Huge peaks, dressed in white, caressing the sky.
Satiated, my essence floats on the wind.
Giving thanks to this blue world.
I love you.

Note: A wonderful lucid dream poem. I traveled the world and felt so light and free when I woke up-still flying.

Poem selected by Katherine L. Gordon, poet, critic , mentor and reviewer.

Poem 2.

The Tortured One
I sit on the floor in an empty room.
A hole , a pit.
Waiting for the next torture.
I try to strengthen my mind, prepare myself for the pain, the horror.
The door clangs open, they are here.
I am in the room-the room of terror.
They yell at me, then act nice, give me water.
Offer me cigarettes, say I am beautiful.
They change again.
Give me electric shocks, blindfold me,cut me.
Burn me, throw water.
I think I am drowning.
I have forgotten how to answer, my head is pounding from the blows.
I try to think of happier days, try to bring my mind back to a different place,
remember my students and the other teachers.
They bring in snarling dogs to attack and abuse my body.
My mind is going away, it is gone…
I am back in the hole, isolated, beaten aching, dirty.
They want information I can’t give, names I don’t have.
The faces of teachers at my university flash, no names are coming.
Please world!
It is time to stop the torture.
It is time to get along, all peoples, views, and religions.
What was once an enemy can be a friend.
Please world, send love to the tortured and the torturers.
With love, the torture may go away.
No one will have to wait in terror.
Listening to the door crack open and the next session to begin.

Note:
This was a client from the Middle East that I worked with in BC. She had been a university professor and was picked up to be made an example to others. This was such a powerful dream that I was considering not using it in the book. She called me and I read the poem to her. She asked me to go ahead and include it since torture is a worldwide phenomenon.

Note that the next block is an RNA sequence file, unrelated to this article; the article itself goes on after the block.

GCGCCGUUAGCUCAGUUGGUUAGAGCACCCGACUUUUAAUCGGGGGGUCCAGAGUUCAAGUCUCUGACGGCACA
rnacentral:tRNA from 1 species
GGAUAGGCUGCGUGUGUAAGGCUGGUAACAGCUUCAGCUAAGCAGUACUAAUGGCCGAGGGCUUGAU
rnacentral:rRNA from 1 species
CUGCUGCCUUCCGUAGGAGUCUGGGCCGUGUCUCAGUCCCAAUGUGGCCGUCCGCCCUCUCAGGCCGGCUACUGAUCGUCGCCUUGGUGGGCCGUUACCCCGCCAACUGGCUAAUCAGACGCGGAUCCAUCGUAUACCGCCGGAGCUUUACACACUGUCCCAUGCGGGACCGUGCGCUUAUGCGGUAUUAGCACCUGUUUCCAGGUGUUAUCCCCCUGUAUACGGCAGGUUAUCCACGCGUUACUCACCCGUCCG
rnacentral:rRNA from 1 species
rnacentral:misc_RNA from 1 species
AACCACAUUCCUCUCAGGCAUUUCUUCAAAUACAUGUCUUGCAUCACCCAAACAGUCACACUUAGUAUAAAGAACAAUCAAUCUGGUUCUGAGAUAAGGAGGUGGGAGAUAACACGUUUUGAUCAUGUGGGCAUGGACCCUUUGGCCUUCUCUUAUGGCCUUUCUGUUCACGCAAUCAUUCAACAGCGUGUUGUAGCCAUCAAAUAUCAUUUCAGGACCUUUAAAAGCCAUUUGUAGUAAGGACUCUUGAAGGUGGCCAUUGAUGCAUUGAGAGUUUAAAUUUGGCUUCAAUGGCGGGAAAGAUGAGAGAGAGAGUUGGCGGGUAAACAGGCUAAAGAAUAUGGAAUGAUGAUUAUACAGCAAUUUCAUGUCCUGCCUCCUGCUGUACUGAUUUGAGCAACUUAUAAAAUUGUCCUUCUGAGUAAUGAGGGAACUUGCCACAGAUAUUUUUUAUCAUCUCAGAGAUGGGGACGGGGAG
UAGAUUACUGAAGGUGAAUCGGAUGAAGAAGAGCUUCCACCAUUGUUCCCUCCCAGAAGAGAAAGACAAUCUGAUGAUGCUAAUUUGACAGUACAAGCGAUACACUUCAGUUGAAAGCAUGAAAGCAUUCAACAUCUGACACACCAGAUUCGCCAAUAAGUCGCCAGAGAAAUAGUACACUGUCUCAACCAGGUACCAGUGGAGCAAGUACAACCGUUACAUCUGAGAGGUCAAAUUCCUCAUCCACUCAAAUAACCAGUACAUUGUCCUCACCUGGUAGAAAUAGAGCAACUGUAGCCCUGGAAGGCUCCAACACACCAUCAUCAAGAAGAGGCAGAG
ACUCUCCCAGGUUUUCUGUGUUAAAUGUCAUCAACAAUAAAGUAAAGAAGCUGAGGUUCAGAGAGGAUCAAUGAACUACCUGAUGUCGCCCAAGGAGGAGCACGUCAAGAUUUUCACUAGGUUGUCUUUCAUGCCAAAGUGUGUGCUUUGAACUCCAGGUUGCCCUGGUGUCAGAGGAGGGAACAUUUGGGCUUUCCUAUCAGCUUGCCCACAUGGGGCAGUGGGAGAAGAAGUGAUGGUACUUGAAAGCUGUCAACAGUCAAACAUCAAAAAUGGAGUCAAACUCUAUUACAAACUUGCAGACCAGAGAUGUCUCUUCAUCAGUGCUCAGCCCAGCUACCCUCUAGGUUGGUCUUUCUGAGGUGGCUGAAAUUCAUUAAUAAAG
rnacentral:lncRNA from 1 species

During the period of three years, I did volunteer work with 146 survivors of torture, many of them from Survivors of Torture organization in Victoria, Canada.
Thanks to Amnesty International and others, she was released and went to New York where she was fearless even in the most dangerous situations. She walked the worst streets at night.
She came to BC married, started teaching again. Then the entire trauma came back. When she came to see me, she was terrorized of dogs and noises. She is doing much better now and has a mostly normal life and is able to teach in University once again. She still does not like dogs and has to take precautions.
Unfortunately, torture is alive and well in the world, causing pain and suffering all over the planet. Unfortunately, torture is alive and well in the world, causing damage to at least seven generations.
I agree with the poem. It is time to stop the torture. She endorsed this poem saying that it was important since it happens in many places in the world.
In the partly lucid dream I was with her and it was a hard one to be part of and then write it down.

Selected by Kagan Goh, poet,  performer,filmmaker and writer. He chose this one because he felt that it needed to be heard. My client also told me before the book came out: “Please spread the word, torture is widely used all over the world.”

Poem 3,

Egyptian Football Girl
I am a football girl.
I love the beautiful game.
In my home we live 11 to a room,
in my grandmother’s place.
Every morning, I train for the tryout.
I get up early, pick up my pallet and carefully step over the little ones.
Go to practice in a quiet place, uncle watches to be sure I am safe.
The air blows through my hair, playing with it, drying the sweat.
I feel transported to a new powerful place.
My body is joyful, I am happy; I am flying through the air!
Suddenly, I fall grasping the ancient dirt of the pharaohs in my hands.
Jumping off the ground, carrying the dust with me under my fingernails.
I am renewed.
I love the beautiful game.
It is an art; it is a dance with a ball.
My uncle goes with me, disapproving.
He asks me why I do not wear my scarf.
I tell him I need to run free and fast,
to help my grandmother buy bread,
stay in her room instead of the street.
Girls do not play football uncle says, shaking his head at it all.
He loves me, my grandmother needs the money.
She cries about being thrown out, she is afraid.
I yearn to be in the team.
Tryouts come.
I pass, I am in.
I feel like a new person.
My grandmother laughs; she can keep the room and all of us.
My uncle is happy yet sad.
New ways are coming he says.
New ways are coming.